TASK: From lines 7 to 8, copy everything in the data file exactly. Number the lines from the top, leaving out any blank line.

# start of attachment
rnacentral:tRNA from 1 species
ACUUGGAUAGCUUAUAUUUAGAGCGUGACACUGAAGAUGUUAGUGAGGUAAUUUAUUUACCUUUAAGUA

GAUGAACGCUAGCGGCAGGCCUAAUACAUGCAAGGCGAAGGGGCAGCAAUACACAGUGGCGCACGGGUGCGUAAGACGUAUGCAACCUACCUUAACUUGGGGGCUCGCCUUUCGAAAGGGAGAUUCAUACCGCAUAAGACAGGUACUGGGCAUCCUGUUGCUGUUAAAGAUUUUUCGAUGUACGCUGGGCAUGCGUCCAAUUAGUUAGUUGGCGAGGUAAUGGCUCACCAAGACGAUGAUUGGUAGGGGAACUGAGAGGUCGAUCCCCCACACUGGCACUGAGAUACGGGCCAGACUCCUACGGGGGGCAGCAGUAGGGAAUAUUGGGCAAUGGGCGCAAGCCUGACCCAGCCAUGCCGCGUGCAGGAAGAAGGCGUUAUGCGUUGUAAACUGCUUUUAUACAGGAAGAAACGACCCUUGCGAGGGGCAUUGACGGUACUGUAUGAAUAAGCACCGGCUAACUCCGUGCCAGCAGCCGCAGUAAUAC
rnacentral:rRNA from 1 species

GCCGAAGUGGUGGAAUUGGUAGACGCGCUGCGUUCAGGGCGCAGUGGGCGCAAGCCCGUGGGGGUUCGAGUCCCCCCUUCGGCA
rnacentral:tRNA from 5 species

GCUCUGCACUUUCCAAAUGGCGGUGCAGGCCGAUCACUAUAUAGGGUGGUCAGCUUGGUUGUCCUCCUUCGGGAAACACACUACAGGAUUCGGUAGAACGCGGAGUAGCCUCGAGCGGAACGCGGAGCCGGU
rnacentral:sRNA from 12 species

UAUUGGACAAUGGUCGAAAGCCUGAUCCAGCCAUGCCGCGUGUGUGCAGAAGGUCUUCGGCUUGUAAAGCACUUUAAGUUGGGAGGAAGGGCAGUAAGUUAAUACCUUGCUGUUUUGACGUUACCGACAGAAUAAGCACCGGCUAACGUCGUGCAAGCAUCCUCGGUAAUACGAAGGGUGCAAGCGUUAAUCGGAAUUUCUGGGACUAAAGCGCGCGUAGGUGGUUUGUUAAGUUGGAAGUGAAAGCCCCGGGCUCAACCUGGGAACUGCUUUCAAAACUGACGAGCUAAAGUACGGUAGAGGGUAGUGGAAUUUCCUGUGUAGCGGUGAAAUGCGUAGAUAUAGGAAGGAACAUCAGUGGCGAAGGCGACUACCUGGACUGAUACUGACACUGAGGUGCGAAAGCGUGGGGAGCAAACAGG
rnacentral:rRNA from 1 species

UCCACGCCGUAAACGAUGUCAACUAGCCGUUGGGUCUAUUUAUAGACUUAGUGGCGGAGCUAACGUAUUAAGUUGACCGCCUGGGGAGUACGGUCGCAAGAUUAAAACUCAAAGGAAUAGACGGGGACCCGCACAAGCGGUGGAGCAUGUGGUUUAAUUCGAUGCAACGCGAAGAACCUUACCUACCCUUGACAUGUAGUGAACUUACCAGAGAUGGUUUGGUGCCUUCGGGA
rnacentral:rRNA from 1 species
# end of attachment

GCUCUGCACUUUCCAAAUGGCGGUGCAGGCCGAUCACUAUAUAGGGUGGUCAGCUUGGUUGUCCUCCUUCGGGAAACACACUACAGGAUUCGGUAGAACGCGGAGUAGCCUCGAGCGGAACGCGGAGCCGGU
rnacentral:sRNA from 12 species